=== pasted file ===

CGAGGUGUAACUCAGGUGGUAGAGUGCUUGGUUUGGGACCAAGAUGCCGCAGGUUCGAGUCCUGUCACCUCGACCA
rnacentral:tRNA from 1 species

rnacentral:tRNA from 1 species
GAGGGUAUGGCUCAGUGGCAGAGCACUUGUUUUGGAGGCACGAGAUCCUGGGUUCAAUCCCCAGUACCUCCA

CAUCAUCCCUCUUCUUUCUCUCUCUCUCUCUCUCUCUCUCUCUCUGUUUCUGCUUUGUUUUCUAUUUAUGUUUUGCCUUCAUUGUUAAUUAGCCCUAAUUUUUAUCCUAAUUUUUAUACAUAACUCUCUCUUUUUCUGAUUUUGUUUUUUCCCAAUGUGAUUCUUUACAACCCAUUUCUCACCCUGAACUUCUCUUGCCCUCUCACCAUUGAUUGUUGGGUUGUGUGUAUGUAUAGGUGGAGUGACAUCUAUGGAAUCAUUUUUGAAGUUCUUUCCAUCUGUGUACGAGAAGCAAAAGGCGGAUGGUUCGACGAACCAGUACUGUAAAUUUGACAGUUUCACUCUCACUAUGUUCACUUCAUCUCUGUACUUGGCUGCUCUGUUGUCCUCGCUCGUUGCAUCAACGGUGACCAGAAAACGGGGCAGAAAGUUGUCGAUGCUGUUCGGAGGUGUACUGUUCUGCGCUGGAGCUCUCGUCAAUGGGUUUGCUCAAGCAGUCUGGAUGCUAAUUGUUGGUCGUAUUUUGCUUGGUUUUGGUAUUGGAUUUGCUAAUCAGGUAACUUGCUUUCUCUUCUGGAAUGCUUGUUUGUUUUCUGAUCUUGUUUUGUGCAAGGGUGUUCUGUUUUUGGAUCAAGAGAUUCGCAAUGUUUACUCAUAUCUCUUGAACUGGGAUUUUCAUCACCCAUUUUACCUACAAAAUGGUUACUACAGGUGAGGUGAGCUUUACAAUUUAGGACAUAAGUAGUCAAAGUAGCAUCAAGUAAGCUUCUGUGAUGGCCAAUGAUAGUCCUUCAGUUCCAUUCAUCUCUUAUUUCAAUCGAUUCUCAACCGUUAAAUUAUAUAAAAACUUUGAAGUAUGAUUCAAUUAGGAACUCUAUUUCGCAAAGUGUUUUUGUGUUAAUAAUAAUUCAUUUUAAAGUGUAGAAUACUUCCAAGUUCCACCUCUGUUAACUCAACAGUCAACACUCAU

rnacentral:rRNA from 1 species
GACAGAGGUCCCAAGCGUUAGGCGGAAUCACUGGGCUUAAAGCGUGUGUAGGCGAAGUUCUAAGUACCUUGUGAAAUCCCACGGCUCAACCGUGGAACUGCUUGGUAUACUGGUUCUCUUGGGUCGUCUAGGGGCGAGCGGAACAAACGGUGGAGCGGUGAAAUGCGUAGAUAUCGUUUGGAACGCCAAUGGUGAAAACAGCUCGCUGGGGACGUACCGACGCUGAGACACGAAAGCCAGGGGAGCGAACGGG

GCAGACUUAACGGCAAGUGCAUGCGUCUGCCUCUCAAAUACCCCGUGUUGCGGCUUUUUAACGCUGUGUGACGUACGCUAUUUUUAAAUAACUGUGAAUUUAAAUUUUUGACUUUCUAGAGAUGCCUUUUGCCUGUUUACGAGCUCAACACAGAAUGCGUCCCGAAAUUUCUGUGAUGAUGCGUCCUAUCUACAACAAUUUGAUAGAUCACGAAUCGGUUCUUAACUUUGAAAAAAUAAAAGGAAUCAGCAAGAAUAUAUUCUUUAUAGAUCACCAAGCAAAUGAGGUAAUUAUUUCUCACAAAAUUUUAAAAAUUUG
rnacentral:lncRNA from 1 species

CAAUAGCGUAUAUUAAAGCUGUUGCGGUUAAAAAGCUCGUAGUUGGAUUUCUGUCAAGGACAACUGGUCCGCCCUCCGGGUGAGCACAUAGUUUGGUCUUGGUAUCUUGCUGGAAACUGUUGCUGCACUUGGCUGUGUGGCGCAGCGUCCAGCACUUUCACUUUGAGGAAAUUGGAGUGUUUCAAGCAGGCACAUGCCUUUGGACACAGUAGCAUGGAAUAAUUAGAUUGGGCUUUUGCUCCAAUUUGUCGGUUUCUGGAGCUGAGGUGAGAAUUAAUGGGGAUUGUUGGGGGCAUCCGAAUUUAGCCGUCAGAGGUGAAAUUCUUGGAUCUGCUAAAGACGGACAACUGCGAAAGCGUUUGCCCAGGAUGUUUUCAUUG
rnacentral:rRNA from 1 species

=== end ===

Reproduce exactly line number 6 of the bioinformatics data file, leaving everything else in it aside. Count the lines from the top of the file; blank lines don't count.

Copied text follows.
rnacentral:rRNA from 1 species